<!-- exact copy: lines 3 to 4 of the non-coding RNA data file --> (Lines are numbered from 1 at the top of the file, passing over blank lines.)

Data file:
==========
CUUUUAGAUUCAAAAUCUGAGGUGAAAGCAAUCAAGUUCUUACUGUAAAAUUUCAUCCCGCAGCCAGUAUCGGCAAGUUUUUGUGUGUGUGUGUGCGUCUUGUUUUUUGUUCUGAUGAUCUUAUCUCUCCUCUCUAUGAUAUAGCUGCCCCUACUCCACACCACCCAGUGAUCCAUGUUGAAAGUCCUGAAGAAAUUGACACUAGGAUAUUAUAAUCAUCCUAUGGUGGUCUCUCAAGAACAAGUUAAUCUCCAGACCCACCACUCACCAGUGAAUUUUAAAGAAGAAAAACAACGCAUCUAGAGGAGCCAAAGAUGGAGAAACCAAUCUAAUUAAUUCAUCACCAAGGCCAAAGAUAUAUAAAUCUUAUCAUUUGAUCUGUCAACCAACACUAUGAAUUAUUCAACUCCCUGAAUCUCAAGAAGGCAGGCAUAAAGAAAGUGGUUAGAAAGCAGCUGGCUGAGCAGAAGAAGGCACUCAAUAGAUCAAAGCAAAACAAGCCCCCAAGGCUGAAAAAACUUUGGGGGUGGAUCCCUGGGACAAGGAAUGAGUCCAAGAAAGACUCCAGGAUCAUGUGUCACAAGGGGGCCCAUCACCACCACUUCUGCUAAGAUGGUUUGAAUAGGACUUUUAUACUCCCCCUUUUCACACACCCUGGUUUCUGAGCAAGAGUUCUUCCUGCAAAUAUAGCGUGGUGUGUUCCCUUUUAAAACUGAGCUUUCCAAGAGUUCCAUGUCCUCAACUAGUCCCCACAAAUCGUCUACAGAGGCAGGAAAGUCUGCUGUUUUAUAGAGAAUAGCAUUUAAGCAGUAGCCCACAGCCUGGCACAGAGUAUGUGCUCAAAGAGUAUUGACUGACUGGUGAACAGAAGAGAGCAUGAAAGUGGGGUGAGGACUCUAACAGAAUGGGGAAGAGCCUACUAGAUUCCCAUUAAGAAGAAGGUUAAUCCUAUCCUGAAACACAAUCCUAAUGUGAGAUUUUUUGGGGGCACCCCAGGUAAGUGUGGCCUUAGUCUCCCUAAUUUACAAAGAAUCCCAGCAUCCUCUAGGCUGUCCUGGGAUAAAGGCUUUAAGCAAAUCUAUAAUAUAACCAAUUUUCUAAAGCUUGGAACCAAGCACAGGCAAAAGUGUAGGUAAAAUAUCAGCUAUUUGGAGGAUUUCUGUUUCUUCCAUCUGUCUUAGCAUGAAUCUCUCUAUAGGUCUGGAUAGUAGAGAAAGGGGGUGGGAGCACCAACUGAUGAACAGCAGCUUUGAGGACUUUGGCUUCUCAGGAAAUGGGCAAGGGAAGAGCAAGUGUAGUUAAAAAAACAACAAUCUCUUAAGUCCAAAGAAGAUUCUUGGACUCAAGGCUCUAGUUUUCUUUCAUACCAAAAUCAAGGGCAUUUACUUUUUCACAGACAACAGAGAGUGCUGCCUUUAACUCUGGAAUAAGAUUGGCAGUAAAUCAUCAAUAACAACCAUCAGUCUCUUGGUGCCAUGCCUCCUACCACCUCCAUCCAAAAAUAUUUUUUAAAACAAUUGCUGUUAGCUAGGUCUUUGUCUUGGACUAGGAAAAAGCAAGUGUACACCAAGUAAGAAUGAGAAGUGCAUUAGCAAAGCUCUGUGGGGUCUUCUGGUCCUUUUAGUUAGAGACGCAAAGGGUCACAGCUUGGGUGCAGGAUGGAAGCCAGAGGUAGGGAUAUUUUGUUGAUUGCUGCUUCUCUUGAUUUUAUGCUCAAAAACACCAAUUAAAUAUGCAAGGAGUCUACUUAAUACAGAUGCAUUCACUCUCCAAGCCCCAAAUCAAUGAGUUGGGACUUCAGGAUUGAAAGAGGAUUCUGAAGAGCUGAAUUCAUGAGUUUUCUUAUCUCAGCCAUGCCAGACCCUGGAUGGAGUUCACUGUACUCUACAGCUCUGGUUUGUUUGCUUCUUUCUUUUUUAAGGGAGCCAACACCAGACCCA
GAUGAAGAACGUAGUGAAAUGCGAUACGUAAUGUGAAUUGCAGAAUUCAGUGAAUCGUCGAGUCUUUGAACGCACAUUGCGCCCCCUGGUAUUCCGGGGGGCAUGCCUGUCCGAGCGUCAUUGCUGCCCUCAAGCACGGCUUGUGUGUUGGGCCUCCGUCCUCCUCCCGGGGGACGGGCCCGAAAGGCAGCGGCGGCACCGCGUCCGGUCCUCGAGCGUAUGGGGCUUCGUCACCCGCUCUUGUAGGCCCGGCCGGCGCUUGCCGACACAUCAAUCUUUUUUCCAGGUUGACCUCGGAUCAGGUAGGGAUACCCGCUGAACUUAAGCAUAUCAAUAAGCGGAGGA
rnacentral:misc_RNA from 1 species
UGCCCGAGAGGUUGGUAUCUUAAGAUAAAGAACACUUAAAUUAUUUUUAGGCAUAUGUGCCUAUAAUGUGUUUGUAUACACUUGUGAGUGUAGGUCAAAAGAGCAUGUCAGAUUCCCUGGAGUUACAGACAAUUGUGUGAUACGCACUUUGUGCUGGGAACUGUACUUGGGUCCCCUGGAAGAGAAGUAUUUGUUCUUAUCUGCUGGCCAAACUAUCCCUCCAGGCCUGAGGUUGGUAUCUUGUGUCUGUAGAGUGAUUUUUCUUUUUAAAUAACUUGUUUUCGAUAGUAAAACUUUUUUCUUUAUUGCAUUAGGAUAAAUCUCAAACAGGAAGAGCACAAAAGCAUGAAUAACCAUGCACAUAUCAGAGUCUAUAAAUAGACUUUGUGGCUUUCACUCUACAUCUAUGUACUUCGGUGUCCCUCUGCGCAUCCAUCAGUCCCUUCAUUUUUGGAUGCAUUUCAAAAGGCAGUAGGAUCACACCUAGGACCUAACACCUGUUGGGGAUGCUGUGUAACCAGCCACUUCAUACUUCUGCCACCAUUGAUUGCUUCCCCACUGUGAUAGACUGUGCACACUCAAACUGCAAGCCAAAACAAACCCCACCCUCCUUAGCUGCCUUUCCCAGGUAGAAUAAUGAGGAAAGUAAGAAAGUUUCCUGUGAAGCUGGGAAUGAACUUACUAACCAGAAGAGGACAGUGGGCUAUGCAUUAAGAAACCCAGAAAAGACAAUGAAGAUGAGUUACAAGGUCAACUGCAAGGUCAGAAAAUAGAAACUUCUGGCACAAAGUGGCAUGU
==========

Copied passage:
rnacentral:misc_RNA from 1 species
UGCCCGAGAGGUUGGUAUCUUAAGAUAAAGAACACUUAAAUUAUUUUUAGGCAUAUGUGCCUAUAAUGUGUUUGUAUACACUUGUGAGUGUAGGUCAAAAGAGCAUGUCAGAUUCCCUGGAGUUACAGACAAUUGUGUGAUACGCACUUUGUGCUGGGAACUGUACUUGGGUCCCCUGGAAGAGAAGUAUUUGUUCUUAUCUGCUGGCCAAACUAUCCCUCCAGGCCUGAGGUUGGUAUCUUGUGUCUGUAGAGUGAUUUUUCUUUUUAAAUAACUUGUUUUCGAUAGUAAAACUUUUUUCUUUAUUGCAUUAGGAUAAAUCUCAAACAGGAAGAGCACAAAAGCAUGAAUAACCAUGCACAUAUCAGAGUCUAUAAAUAGACUUUGUGGCUUUCACUCUACAUCUAUGUACUUCGGUGUCCCUCUGCGCAUCCAUCAGUCCCUUCAUUUUUGGAUGCAUUUCAAAAGGCAGUAGGAUCACACCUAGGACCUAACACCUGUUGGGGAUGCUGUGUAACCAGCCACUUCAUACUUCUGCCACCAUUGAUUGCUUCCCCACUGUGAUAGACUGUGCACACUCAAACUGCAAGCCAAAACAAACCCCACCCUCCUUAGCUGCCUUUCCCAGGUAGAAUAAUGAGGAAAGUAAGAAAGUUUCCUGUGAAGCUGGGAAUGAACUUACUAACCAGAAGAGGACAGUGGGCUAUGCAUUAAGAAACCCAGAAAAGACAAUGAAGAUGAGUUACAAGGUCAACUGCAAGGUCAGAAAAUAGAAACUUCUGGCACAAAGUGGCAUGU